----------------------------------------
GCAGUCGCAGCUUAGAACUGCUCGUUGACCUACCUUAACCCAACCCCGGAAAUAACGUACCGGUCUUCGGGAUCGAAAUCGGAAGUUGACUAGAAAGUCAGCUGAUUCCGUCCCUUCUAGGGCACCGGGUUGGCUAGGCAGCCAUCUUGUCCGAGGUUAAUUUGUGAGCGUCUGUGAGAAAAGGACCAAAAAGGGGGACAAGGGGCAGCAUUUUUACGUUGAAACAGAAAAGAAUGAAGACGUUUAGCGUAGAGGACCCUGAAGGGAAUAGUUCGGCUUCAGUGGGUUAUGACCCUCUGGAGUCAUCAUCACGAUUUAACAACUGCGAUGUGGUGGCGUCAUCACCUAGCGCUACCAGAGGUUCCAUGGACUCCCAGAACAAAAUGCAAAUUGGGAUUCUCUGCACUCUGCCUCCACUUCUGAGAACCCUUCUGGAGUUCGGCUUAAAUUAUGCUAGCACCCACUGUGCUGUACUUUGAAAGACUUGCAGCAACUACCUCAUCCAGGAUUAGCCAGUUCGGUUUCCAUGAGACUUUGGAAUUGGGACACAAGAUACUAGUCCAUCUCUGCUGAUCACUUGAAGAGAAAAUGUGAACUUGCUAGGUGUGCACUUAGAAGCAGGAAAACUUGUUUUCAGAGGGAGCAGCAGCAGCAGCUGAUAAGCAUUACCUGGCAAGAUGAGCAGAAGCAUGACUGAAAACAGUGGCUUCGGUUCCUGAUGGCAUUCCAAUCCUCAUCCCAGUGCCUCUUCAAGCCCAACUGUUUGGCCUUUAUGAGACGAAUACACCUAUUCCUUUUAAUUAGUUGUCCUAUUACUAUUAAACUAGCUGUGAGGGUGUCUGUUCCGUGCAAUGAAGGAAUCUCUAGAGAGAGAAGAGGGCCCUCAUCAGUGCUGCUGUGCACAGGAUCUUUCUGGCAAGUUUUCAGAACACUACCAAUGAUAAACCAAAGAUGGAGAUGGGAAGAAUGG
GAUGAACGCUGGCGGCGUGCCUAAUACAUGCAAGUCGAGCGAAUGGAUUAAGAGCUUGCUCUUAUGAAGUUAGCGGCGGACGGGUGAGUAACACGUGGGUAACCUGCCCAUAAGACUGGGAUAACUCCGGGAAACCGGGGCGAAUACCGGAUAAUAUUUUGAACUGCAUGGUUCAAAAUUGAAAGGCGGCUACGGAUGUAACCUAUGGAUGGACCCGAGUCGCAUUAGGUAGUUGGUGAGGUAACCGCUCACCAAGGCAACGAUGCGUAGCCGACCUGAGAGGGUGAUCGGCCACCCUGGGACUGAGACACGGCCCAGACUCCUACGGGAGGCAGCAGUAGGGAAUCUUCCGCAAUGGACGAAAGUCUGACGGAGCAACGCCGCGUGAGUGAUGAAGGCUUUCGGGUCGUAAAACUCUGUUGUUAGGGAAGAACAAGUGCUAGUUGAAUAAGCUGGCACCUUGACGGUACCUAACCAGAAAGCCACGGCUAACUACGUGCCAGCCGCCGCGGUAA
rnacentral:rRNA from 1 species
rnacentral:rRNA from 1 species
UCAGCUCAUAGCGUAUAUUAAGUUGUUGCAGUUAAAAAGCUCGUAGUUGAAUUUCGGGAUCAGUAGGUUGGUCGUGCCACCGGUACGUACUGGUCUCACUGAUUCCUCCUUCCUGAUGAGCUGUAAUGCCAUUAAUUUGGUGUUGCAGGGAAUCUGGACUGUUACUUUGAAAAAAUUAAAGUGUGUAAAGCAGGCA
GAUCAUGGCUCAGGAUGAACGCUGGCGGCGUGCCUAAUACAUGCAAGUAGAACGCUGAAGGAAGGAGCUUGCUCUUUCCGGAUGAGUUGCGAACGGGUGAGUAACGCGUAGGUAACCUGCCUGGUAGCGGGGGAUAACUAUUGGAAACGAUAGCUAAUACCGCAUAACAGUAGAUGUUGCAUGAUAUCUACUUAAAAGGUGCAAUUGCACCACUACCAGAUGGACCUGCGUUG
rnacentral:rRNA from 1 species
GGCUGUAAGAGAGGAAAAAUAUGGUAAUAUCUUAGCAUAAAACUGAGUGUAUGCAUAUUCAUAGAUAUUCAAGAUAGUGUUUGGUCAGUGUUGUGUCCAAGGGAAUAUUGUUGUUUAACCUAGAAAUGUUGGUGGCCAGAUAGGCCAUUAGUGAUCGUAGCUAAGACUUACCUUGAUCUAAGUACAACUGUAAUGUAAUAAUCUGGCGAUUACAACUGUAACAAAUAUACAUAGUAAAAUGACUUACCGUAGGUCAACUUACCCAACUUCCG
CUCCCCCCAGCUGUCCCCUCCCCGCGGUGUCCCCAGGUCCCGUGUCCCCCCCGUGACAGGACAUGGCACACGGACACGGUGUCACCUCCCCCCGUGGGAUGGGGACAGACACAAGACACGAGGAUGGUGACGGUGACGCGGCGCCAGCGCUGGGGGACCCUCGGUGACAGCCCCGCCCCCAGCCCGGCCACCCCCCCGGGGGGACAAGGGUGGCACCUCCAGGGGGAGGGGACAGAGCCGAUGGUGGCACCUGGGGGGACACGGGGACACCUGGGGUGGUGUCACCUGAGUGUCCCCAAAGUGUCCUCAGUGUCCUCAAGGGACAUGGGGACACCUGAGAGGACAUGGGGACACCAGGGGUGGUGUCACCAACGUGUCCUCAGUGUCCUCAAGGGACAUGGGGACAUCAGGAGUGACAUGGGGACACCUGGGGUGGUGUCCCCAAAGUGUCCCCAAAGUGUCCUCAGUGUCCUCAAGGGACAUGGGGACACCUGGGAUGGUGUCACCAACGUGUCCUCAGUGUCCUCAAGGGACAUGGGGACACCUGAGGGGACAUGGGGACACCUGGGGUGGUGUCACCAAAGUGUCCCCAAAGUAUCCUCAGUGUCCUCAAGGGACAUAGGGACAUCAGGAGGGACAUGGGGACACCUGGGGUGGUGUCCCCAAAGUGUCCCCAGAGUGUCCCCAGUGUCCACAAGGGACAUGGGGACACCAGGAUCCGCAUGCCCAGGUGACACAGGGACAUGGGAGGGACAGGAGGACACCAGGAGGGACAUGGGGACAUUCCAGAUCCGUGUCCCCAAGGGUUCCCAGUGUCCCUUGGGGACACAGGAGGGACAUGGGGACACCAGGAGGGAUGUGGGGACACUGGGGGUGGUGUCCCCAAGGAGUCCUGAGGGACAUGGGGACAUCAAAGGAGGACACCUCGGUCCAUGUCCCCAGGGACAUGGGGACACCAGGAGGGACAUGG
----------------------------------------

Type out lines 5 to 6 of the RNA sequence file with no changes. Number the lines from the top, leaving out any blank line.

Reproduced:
UCAGCUCAUAGCGUAUAUUAAGUUGUUGCAGUUAAAAAGCUCGUAGUUGAAUUUCGGGAUCAGUAGGUUGGUCGUGCCACCGGUACGUACUGGUCUCACUGAUUCCUCCUUCCUGAUGAGCUGUAAUGCCAUUAAUUUGGUGUUGCAGGGAAUCUGGACUGUUACUUUGAAAAAAUUAAAGUGUGUAAAGCAGGCA
GAUCAUGGCUCAGGAUGAACGCUGGCGGCGUGCCUAAUACAUGCAAGUAGAACGCUGAAGGAAGGAGCUUGCUCUUUCCGGAUGAGUUGCGAACGGGUGAGUAACGCGUAGGUAACCUGCCUGGUAGCGGGGGAUAACUAUUGGAAACGAUAGCUAAUACCGCAUAACAGUAGAUGUUGCAUGAUAUCUACUUAAAAGGUGCAAUUGCACCACUACCAGAUGGACCUGCGUUG